When forming your own company, you have a lot of decisions to make. One of…
Do You Need a Loan?
If you’ve ever watched Shark Tank, you know the incredible impact an influx of cash can have on a new (or even established) company. Any entrepreneur knows that you have to spend money to make money. It’s one of the oldest and most basic principles of owning a business and scaling it. But it’s a vicious cycle.
Financially speaking, small business owners have to start somewhere, but if they don’t have the capital on hand, it’s hard to get off the ground. That’s when pursuing a business loan might be the best option.
For companies who require a lot of inventory or extensive production, loans can provide the extra push that takes them to the next level.
Keep reading to learn the basics of a loan and if this is the right move for your small business.
Terms to Know for a Small Business Loan Agreement
Before we explore what a loan looks like, let’s start with these foundational terms that you’ll likely face in the loan process.
A borrower is typically the entrepreneur or group of business partners seeking additional money for their company. They guarantee to pay back the lender in a specified time frame.
Lenders are individuals or organizations that provide funds with the expectation to be paid back in a timely manner.
The amount of cash provided from the lender to the borrower.
As an exchange for borrowing money ahead of time, the lender pays a percentage of the cash borrowed in addition to the lump sum provided. Interest is calculated based on the principal and time that passes for the borrower to pay back the lender. APR, or the annual interest rate, is communicated as a percentage and is the amount of interest the lender charges the borrower.
An asset or property that the borrower offers to the lender as a guarantee to pay back the funds. Lenders can obtain the collateral in its entirety if the borrower fails to pay back their loan.
What is a Small Business Loan?
Initiated by a borrower, a lump sum of money is requested and granted from a lender. The terms, uses, and agreements can vary, but the borrower is required to repay the lender, in addition to interest, in a pre-determined amount of time.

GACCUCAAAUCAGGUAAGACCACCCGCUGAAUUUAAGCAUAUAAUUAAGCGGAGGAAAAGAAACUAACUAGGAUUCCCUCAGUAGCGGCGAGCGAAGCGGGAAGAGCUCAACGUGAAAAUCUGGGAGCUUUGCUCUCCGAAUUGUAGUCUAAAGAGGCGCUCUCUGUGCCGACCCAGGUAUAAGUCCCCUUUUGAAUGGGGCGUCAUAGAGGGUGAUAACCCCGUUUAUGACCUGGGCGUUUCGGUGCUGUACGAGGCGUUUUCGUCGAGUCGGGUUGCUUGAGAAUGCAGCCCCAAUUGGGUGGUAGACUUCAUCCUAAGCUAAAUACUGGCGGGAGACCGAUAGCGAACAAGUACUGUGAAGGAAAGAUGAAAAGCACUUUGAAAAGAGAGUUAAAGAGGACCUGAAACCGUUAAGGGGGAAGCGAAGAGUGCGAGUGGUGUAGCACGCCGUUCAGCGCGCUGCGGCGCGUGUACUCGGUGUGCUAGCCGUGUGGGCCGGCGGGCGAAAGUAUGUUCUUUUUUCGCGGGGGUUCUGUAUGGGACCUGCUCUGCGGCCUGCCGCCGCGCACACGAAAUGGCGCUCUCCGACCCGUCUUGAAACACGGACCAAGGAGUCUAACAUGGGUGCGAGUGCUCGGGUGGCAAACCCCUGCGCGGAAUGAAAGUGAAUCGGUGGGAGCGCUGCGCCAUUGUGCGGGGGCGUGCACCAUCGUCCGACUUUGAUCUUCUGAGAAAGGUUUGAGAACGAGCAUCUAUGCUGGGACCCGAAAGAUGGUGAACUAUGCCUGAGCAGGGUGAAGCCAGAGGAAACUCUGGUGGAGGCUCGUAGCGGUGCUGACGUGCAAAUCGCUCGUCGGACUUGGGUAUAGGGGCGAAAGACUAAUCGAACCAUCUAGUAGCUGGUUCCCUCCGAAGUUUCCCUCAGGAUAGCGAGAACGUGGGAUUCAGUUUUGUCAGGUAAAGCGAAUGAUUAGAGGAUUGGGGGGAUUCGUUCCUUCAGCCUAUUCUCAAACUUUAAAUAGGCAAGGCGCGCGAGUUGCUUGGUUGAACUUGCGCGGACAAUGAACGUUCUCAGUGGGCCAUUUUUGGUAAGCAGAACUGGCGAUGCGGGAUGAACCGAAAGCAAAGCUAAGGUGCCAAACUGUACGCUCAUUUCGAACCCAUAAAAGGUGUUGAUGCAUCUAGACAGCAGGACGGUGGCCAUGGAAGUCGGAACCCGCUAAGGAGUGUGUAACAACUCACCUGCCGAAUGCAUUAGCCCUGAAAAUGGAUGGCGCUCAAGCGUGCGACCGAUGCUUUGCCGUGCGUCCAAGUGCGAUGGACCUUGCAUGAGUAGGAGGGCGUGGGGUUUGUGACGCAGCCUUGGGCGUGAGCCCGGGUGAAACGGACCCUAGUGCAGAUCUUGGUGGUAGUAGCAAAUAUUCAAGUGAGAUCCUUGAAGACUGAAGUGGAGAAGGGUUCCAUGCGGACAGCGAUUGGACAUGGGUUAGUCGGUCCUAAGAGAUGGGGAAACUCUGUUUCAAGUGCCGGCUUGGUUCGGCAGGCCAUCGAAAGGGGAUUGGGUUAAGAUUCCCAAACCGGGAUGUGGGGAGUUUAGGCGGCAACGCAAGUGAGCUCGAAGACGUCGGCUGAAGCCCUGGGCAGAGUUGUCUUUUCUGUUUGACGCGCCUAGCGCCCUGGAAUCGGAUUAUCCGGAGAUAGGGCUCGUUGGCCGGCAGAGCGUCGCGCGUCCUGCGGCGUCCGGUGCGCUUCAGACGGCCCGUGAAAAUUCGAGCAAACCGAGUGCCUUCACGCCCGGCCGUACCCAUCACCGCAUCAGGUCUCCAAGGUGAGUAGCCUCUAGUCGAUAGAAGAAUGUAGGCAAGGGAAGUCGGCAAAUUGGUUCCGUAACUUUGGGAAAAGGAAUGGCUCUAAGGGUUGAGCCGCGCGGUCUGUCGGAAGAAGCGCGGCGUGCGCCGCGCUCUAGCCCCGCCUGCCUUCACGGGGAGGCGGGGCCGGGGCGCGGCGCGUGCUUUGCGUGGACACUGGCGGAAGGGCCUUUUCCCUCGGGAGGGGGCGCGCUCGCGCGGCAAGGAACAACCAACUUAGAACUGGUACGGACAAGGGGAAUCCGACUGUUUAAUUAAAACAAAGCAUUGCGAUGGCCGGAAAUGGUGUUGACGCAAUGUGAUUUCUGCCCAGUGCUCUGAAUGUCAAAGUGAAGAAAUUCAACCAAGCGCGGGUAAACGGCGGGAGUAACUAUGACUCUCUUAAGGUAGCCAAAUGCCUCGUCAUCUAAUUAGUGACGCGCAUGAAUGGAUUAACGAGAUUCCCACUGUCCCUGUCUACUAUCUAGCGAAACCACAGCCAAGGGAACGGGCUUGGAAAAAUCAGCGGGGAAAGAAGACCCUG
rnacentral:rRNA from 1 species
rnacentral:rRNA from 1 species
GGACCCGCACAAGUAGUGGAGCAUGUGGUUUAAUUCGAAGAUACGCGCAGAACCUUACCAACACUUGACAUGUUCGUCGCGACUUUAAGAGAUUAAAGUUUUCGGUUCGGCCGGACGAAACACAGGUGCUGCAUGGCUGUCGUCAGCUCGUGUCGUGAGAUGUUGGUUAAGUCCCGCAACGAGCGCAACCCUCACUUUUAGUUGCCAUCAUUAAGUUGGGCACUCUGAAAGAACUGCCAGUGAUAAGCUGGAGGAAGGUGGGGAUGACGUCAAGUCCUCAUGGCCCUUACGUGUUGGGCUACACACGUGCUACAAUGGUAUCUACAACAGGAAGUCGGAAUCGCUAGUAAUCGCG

Whether you’re borrowing money from a venture capitalist, a bank, or a friend, you have created a small business loan in which you must pay back.
How Do I Secure a Small Business Loan?
Depending on the lender, how you’ll use the cash, and type of loan you take out, the application process will vary. However, it’s likely that you’ll face three credentials when it comes to qualifying for a loan: your personal credit score, how long your company has been in business, and its annual revenue.
Most lenders recognize that businesses are likely to fail in their first year, so try to reach the one to two-year mark before seeking a loan. The length of time you’re in business can greatly improve the amount of funds you secure.
What Can I Spend My Loan On?
If you’ve been awarded a loan, you may already have an idea in your mind why you need the money. There are a variety of things you can spend the cash on, but your lender will want to know ahead of time.
Here are the most common items business owners use the additional cash for:
- Securing physical land or property to build on
- Purchasing store-front or office basics like furniture, fixtures, machinery, and equipment
- Covering construction costs
- Helping build a new business or during an acquisition
- Assisting in scaling the company
- Meeting current operational needs of the business
When establishing your terms and agreement, your lender will tell you what you can and cannot spend money on. For example, the Small Business Administration provides four different kinds of loans in which you can only use the cash for specific purchases. More specifically, the SBA’s Real Estate and Equipment Loan can only be spent on major assets like real estate or equipment. It cannot be used for any working capital or inventory.
Establish ahead of time how your loan will be spent and promise to abide by that agreement, or you could face fees and legal ramifications.
If you’re in the market for a small business loan, it’s likely that your looking to scale the company. Hopefully, as your company grows, so will your influx of leads. That means you’re going to be spending a lot of time on the phone managing these leads, in addition to supporting existing customers. One of the best ways to handle all of these calls is with a virtual phone number app like Ninja Number. It’s the virtual assistant and receptionist that you don’t have to hire. Contact us today to begin your free, one-week trial.
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